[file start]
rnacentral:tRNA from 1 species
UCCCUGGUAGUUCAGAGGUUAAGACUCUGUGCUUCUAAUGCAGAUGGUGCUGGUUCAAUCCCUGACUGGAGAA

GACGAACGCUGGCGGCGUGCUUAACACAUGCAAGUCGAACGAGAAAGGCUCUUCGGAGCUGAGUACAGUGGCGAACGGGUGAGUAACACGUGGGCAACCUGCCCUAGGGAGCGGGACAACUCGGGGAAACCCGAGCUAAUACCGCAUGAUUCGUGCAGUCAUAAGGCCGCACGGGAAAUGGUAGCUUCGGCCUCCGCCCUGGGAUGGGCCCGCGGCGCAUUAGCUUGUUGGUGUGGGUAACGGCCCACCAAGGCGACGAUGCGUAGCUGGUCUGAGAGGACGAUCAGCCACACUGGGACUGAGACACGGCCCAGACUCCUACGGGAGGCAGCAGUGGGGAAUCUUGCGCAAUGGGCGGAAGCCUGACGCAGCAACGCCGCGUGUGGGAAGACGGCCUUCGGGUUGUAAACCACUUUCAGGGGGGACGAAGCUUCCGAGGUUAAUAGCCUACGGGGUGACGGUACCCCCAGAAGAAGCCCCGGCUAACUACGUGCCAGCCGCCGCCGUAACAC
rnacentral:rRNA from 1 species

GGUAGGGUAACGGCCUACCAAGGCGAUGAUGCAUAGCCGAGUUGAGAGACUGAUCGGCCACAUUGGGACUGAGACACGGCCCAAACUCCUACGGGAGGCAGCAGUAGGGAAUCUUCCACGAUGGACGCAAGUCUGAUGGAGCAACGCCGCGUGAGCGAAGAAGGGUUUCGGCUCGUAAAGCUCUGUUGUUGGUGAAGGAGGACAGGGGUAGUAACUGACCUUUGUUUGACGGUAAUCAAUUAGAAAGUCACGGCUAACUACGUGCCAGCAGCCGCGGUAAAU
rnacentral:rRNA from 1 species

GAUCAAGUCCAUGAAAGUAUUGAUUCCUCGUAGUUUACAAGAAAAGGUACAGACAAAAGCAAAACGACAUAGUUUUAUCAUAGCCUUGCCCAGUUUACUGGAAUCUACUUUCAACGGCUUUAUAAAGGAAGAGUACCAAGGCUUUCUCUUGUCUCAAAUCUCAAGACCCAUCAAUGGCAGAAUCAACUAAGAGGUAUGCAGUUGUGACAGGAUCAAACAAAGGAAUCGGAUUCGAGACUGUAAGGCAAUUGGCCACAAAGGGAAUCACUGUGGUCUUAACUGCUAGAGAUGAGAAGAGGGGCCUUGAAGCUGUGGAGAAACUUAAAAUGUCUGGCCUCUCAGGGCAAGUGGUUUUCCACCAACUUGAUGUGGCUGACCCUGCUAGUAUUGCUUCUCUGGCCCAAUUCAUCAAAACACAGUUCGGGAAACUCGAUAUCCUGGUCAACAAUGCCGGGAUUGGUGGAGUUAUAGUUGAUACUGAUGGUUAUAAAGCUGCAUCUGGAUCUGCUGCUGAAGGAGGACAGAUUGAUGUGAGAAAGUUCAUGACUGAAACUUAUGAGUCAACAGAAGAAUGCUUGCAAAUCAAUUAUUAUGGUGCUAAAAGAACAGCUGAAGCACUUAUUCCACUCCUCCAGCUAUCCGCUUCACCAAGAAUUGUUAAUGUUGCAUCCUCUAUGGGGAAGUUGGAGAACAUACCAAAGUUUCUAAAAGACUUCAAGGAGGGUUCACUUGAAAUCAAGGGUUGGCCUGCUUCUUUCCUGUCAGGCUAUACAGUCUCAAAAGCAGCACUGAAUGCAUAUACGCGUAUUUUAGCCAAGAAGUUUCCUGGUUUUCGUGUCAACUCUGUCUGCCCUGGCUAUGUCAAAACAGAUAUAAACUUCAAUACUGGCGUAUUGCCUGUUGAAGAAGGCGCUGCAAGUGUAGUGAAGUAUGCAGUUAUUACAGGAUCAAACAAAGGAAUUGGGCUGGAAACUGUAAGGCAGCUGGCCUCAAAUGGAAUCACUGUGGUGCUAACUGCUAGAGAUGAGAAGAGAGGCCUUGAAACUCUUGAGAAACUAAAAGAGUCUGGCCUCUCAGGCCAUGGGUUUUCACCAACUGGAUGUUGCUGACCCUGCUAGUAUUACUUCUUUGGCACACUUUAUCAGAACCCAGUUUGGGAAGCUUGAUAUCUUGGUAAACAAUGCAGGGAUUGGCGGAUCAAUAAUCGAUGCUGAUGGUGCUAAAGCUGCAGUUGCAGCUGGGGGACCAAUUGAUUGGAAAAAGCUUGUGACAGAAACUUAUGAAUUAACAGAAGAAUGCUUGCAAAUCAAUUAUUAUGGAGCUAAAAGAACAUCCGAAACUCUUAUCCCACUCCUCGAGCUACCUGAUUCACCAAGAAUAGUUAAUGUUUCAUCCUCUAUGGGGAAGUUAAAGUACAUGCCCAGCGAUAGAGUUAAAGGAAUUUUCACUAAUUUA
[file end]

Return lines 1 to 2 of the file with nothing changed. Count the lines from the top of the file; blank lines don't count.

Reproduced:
rnacentral:tRNA from 1 species
UCCCUGGUAGUUCAGAGGUUAAGACUCUGUGCUUCUAAUGCAGAUGGUGCUGGUUCAAUCCCUGACUGGAGAA